Saturday, April 24, 2010

United and Continental in Merger Talks

The merger that has been predicted for long time appears to be closer than ever to fruition. It is being reported that Chicago-based United is in merger discussions with Continental Airlines, based in Houston, Texas. The surviving company would be called United and headquartered in Chicago. This has come about after merger discussions between United and US Airways recently fell apart, as discussed in this Hat Trick post.

This could be an interesting merger. Both Continental and United have attempted to distinguish themselves as premium global airlines, with Continental known for their good customer service. This would be a good combination compared with US Airways, a company not known for its stellar relationships with customers. Continental and United have also formed a close partnership since Continental joined the Star Alliance last fall including providing complimentary upgrades to elite status customers, an arrangement that Continental previously had with its Sky Team alliance partner Northwest (now Delta). While United and US Airways have been Star Alliance partners for several years they have never extended upgrade benefits to each other's elites.

The Hat Trick has some thoughts on this potential merger, both positive and negative, so let's take a look at this merger.


  1. Overall Network: Both airlines have a global network, including solid coverage in both Europe and Asia. Continental is stronger in Europe, United stronger in Asia.
  2. Domestic Network/Hubs: United and Continental both have strong domestic networks with coverage on the West Coast, Midwest, South and the East Coast. United has hubs at Chicago O'Hare (ORD), Denver (DEN) and Washington Dulles (IAD) as well as focus cities at Los Angeles International (LAX) and San Francisco International (SFO). Continental has hubs at Newark Liberty International (EWR), Houston Intercontinental (IAH), Cleveland Hopkins International (CLE) and Guam (GUM) where Continental Micronesia is headquartered.
  3. Newark Hub: The Newark hub has a strong hold on the New York City market and a strong gateway to Europe.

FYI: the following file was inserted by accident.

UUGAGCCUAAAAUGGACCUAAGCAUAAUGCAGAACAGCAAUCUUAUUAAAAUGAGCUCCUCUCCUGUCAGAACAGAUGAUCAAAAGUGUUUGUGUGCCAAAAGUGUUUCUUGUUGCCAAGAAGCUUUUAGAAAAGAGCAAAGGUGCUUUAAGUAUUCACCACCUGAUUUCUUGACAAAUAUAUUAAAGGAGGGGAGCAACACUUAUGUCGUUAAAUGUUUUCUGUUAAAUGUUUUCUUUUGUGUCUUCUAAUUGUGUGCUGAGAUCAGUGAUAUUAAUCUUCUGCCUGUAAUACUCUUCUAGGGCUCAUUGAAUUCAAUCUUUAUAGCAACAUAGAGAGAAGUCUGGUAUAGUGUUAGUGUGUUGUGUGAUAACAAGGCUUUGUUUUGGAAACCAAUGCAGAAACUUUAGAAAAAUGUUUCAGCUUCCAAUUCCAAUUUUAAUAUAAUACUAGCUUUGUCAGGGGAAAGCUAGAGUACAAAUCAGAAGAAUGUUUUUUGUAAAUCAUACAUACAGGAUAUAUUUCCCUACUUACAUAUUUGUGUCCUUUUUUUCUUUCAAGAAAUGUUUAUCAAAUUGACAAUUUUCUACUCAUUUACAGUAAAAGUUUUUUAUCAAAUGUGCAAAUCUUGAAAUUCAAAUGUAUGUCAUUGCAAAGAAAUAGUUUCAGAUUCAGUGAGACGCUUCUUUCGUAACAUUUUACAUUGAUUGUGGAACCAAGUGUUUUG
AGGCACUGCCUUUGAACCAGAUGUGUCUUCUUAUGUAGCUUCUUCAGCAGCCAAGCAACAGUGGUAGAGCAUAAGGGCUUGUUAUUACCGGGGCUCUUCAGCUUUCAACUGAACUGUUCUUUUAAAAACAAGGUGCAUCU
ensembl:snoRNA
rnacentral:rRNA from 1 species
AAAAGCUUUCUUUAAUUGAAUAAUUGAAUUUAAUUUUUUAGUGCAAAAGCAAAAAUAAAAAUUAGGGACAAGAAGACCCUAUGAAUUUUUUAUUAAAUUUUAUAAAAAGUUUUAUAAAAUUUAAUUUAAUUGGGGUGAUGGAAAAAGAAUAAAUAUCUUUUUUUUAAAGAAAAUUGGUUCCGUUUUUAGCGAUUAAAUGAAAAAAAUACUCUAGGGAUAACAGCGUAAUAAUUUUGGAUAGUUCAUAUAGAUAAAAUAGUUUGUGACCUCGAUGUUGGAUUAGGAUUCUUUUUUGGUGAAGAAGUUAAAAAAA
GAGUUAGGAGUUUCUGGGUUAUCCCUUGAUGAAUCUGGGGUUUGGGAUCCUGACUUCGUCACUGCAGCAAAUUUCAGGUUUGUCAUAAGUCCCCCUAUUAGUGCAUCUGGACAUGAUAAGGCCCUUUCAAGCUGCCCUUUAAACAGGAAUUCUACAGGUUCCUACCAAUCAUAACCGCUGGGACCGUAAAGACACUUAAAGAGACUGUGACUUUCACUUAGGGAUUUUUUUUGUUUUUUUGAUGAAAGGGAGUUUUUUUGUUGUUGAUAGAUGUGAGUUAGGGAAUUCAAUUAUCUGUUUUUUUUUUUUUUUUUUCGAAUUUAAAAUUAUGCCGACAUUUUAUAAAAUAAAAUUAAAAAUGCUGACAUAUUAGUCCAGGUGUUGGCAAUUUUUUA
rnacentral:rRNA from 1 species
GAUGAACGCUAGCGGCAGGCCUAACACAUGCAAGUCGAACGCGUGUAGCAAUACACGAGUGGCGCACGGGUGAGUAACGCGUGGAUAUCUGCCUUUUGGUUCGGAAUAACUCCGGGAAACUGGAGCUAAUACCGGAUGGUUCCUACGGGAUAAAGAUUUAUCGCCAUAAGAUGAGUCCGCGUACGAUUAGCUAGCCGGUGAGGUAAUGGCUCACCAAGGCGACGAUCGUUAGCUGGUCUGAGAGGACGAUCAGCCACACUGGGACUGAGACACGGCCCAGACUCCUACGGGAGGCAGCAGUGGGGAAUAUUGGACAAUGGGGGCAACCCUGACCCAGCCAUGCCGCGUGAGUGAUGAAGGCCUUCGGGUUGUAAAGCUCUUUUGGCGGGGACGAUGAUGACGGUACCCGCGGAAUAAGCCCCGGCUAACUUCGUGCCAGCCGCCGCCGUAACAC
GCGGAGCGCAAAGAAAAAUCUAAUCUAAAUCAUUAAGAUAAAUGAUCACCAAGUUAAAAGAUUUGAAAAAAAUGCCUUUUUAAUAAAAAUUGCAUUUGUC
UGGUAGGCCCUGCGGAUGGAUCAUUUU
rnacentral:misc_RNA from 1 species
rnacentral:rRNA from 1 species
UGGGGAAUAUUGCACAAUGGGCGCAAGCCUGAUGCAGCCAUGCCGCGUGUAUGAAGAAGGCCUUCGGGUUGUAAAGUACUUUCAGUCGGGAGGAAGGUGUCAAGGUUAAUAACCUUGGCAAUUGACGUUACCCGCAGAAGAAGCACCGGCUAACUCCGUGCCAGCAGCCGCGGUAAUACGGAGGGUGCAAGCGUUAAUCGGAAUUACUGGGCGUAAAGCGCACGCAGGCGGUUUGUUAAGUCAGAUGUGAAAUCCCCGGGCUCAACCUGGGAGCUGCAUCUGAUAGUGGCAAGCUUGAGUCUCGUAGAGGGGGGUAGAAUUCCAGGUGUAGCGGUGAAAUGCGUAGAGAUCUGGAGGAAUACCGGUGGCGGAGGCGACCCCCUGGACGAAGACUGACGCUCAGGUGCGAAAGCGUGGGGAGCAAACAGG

4. Product: Continental has a strong in-flight product and United's is not terribly far behind Continental's.


  1. Competition: it's never great when you lose a competitor. Airlines always make the case that consolidation is consumer-friendly but it generally works the other way. Cities in the Midwest and some cities in the West could see higher fares as a result of a combined United-Continental.
  2. Labor Issues: United hasn't exactly had the best labor relations whereas Continental has pretty good labor relations with its workforce over the years.
  3. Fleet Commonality: United has designated the Airbus 319 and 320 as its primary domestic workhorse after retiring the 737-300/500 fleet last year (as well as assigning a lot of this flying to their regional affiliates). Continental is all Boeing, all the time. Their only crossover aircraft is the 757-200/777-200 but I believe they operate different engines on these jets and I believe Continental has more ETOPS jets.
  4. Cleveland Hub: If you live in or travel to Cleveland Hopkins like the Hat Trick (my mother lives in the Cleveland area) then you can expect to lose your hub status. This would be a blow for the city even though Cleveland has experienced a serious decrease in Continental flying over the past few years, particularly with the loss of mainline flying.

These are just some initial thoughts on this potential merger. We'll see where it goes and what type of response, if any, you will see from both companies' competitors, notably American. Could be some interesting times ahead!

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